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In the classes that I teach, I often invite students to set an intention for their time on the mat. Some days, it is suggested that an intention fall into a theme chosen for our hour together, while other days, yogis are invited to call into their minds any idea or person they would like to dedicate their practice to.
What’s the point of this, and where do we begin? Can we still set an intention, even when not specifically invited by the instructor to do so?
Of course. Your practice is your own, and it can hold any level of significance that you desire.
In setting an intention, we start with the mat. Our mat represents a sacred space on which we hit challenges, experience triumphs, shed tears, crack smiles, and most importantly, where we breathe. This is where we connect our breath with our bodies, our minds with our hearts.
The time we spend on the mat is sacred. Perhaps you arrive to a class with the intention of becoming stronger or more flexible, but notice how you feel as you leave the studio. It isn’t the same as executing dead lifts– there is a degree of magic that occurs during a yoga practice if we allow the space for it to unfold.
An “intention” can be anything. Is there a situation or relationship in your life that you are struggling with? You might set an intention to release the struggle, to open yourself up to a new perspective. Do you know someone who could use some love or healing? Set an intention of dedication to this person in your practice. As you move through your asana, remain committed, and let your heart expand as you envision love and healing being sent from your heart to theirs.
You might set an intention of cultivating strength, both physically and emotionally, to carry with you off of your mat at the end of your practice and into your world. Balance, groundedness, clarity, compassion, peace and inspiration are all beautiful ideas as well. Choose anything that resonates with you in the moment.
Begin by bringing the idea into your mind – perhaps even the first thought that comes to you (this is often what we need most). Spend a moment – or longer – with this idea before you begin. Allow it to sink in, feel it in your heart, in your body.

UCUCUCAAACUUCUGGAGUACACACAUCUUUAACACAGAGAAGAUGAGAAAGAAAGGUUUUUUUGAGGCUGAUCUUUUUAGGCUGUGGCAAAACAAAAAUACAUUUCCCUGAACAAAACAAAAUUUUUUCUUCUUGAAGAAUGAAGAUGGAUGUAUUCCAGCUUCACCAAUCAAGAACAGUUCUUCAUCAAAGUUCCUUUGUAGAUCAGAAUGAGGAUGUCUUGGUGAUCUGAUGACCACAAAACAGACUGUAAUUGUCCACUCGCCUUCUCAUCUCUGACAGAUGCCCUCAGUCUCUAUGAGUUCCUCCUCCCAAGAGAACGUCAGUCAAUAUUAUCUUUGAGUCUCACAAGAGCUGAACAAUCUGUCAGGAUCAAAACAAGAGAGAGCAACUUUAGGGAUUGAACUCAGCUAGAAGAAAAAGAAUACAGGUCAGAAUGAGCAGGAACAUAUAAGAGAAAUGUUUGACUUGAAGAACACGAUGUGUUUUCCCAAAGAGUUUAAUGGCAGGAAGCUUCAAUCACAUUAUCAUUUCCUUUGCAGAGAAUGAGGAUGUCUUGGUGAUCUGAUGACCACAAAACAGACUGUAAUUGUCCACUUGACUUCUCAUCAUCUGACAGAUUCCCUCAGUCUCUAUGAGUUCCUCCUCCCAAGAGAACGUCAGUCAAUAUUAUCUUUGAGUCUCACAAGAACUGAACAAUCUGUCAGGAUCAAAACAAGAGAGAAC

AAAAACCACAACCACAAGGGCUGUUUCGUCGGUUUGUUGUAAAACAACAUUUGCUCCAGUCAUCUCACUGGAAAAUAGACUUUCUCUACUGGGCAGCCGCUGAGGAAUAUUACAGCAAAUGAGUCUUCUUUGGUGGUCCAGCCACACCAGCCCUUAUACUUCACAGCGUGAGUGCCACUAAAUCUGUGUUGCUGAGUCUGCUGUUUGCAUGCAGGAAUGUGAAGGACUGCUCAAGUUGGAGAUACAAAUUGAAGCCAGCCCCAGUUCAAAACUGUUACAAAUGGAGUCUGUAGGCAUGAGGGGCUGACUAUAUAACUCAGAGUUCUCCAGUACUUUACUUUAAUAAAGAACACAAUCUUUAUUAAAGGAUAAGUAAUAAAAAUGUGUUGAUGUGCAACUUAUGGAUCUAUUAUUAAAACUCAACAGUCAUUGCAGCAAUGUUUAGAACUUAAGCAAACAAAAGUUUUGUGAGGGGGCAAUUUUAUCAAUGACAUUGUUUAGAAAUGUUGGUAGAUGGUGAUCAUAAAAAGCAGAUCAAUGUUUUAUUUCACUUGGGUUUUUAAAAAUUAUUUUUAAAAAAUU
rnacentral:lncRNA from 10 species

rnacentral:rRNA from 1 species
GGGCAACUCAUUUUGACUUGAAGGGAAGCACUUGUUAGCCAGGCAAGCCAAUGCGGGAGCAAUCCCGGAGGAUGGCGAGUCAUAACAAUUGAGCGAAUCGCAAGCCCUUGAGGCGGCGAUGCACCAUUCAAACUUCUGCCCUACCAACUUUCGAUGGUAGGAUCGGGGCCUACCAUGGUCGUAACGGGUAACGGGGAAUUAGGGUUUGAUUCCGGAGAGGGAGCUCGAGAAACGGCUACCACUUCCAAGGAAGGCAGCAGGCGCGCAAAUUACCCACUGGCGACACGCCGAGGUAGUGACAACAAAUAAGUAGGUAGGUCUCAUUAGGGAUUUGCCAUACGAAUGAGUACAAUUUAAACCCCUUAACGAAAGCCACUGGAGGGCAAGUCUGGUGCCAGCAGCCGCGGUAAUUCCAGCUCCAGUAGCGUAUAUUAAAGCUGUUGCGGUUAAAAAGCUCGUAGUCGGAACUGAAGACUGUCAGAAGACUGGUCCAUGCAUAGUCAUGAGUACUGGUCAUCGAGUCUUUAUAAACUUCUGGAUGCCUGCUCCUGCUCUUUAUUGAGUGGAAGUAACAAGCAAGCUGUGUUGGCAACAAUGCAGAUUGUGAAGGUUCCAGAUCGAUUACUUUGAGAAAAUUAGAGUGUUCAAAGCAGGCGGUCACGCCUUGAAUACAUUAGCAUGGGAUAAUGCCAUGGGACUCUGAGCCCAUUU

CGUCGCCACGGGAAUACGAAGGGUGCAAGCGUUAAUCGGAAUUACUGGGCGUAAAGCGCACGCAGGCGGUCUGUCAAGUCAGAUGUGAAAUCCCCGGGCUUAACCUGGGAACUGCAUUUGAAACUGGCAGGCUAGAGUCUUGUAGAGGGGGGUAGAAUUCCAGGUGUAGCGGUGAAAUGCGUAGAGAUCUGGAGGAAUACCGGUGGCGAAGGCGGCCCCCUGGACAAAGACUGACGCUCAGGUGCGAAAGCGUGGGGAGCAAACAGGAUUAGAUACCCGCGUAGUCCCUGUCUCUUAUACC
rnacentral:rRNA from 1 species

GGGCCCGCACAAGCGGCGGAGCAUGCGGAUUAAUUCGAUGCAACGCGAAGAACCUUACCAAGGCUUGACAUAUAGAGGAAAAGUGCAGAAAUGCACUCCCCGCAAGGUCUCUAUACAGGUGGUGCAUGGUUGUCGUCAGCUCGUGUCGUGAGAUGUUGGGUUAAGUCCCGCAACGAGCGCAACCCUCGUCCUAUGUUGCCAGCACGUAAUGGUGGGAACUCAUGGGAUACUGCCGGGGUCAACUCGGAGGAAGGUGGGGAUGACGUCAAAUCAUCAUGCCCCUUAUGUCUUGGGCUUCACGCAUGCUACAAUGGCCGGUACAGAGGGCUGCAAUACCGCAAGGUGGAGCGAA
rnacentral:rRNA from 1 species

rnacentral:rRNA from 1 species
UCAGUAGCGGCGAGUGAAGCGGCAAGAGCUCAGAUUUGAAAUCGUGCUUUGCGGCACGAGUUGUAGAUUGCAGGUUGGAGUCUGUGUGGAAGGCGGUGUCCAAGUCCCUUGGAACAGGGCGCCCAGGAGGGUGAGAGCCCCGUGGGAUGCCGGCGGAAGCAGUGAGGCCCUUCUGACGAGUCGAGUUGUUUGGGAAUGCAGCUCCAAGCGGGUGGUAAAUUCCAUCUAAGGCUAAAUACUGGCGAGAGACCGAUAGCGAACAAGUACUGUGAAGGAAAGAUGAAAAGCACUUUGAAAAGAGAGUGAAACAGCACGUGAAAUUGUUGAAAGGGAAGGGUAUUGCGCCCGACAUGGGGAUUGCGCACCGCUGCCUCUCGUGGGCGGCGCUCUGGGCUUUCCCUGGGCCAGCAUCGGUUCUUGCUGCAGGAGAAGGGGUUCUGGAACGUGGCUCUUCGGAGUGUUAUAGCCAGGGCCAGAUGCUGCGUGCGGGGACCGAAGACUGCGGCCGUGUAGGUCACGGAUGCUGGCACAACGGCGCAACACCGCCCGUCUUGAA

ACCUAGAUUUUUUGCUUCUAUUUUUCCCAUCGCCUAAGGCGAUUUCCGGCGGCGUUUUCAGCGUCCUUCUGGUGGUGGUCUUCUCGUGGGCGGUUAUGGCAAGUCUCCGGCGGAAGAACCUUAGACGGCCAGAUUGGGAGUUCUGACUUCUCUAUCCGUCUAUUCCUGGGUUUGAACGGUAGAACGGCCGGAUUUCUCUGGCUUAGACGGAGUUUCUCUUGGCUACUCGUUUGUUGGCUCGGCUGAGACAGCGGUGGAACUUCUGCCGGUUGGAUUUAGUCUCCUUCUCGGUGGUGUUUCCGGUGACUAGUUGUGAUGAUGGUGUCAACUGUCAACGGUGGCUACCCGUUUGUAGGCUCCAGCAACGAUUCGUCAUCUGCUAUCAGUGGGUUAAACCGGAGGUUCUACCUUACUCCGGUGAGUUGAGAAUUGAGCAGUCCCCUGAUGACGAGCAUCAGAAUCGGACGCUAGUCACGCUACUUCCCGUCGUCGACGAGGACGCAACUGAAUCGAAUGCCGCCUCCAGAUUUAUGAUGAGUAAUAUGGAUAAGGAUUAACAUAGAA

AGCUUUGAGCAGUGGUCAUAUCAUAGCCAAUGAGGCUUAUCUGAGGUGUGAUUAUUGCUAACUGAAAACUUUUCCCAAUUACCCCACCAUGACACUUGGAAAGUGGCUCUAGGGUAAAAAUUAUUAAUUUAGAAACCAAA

As you practice, it’s okay if your intention is not present in the front of your mind. It’s okay if you forget – staying present through the movement and allowing your practice to unfold is part of the process, part of the experience. Know that the opening of your session by setting the intention is powerful enough. All you need to do next is allow your work to take whatever shape it may. Remain present in the experience, aware of the sensations that arise for you.
If you think of it, return to your intention at the end of your practice to close out your session and to bring all that you have learned and experienced off of your mat and into your life. Notice any shifts in how you feel, any points of release, comfort or clarity that have come through for you. If you forget to do this, that’s okay – holding the thought, person, or idea in your heart at the opening of your time on the mat is enough to affirm what you desire and to open space for this to enter in for you as it will.
Setting an intention helps us to deepen our practice and to create even more meaning around this special time that we set aside for ourselves. Have fun with it, and notice all that unfolds.
About the author: Ashley Dunlop is a Holistic Coach and Kula Yoga Instructor who ignites fires in those who are ready and willing to make changes in their lives. She spreads a message of love, conscious living and helps others to meet their full potential. Catch up with Ashley on her websiteInstagram and facebook.